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Statistical Models and Causal Inference
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  • Cited by 11
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    This book has been cited by the following publications. This list is generated based on data provided by CrossRef.

    Lu, Bo Cai, Dingjiao and Tong, Xingwei 2018. Testing causal effects in observational survival data using propensity score matching design. Statistics in Medicine, Vol. 37, Issue. 11, p. 1846.

    Caughey, Devin Dafoe, Allan and Seawright, Jason 2017. Nonparametric Combination (NPC): A Framework for Testing Elaborate Theories. The Journal of Politics, Vol. 79, Issue. 2, p. 688.

    GOW, IAN D. LARCKER, DAVID F. and REISS, PETER C. 2016. Causal Inference in Accounting Research. Journal of Accounting Research, Vol. 54, Issue. 2, p. 477.

    Kim, Hongsoo Hung, William W. Paik, Myunghee Cho Ross, Joseph S. Zhao, Zhonglin Kim, Gi-Soo and Boockvar, Kenneth 2015. Predictors and outcomes of unplanned readmission to a different hospital. International Journal for Quality in Health Care, Vol. 27, Issue. 6, p. 513.

    Yom, Sean 2015. From Methodology to Practice. Comparative Political Studies, Vol. 48, Issue. 5, p. 616.

    Munenzon, Mikhail 2014. Evaluation of Systematic Trading Programs. The Journal of Trading, Vol. 10, Issue. 1, p. 37.

    Munenzon, Mikhail 2014. Evaluation of Systematic Trading Programs. The Journal of Trading, p. 141212222051008.

    Holm, Anders and Arendt, Jacob Nielsen 2013. Evaluating the performance of simple estimators for probit models with two dummy endogenous regressors. Journal of Statistical Computation and Simulation, Vol. 83, Issue. 6, p. 1156.

    Foster, E. Michael 2013. Reassessing findings from the Fast Track study: problems of method and analysis. Journal of Experimental Criminology, Vol. 9, Issue. 1, p. 109.

    Glazier, Rebecca A. 2013. Divine Direction: How Providential Religious Beliefs Shape Foreign Policy Attitudes. Foreign Policy Analysis, Vol. 9, Issue. 2, p. 127.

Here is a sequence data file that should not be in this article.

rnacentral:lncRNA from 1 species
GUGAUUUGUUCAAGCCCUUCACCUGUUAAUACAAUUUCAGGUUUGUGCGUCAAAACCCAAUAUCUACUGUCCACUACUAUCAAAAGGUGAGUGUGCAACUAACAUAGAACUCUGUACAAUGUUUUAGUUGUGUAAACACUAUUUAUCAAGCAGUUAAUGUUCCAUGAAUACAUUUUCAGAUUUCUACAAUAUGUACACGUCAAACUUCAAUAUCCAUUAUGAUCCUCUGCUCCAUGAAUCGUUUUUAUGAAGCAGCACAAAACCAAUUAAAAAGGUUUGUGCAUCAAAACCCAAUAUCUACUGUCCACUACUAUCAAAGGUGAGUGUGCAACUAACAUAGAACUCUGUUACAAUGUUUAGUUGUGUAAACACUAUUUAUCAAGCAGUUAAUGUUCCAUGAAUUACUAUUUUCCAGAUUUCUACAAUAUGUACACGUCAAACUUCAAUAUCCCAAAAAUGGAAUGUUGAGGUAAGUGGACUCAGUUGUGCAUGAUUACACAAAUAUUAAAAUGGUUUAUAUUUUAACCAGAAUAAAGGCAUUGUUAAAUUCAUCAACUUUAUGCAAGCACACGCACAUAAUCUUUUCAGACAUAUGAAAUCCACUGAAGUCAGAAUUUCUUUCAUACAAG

2010. Publications Received. Contemporary Sociology: A Journal of Reviews, Vol. 39, Issue. 3, p. 369.

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Book description

David A. Freedman presents here a definitive synthesis of his approach to causal inference in the social sciences. He explores the foundations and limitations of statistical modeling, illustrating basic arguments with examples from political science, public policy, law, and epidemiology. Freedman maintains that many new technical approaches to statistical modeling constitute not progress, but regress. Instead, he advocates a 'shoe leather' methodology, which exploits natural variation to mitigate confounding and relies on intimate knowledge of the subject matter to develop meticulous research designs and eliminate rival explanations. When Freedman first enunciated this position, he was met with scepticism, in part because it was hard to believe that a mathematical statistician of his stature would favor 'low-tech' approaches. But the tide is turning. Many social scientists now agree that statistical technique cannot substitute for good research design and subject matter knowledge. This book offers an integrated presentation of Freedman's views.

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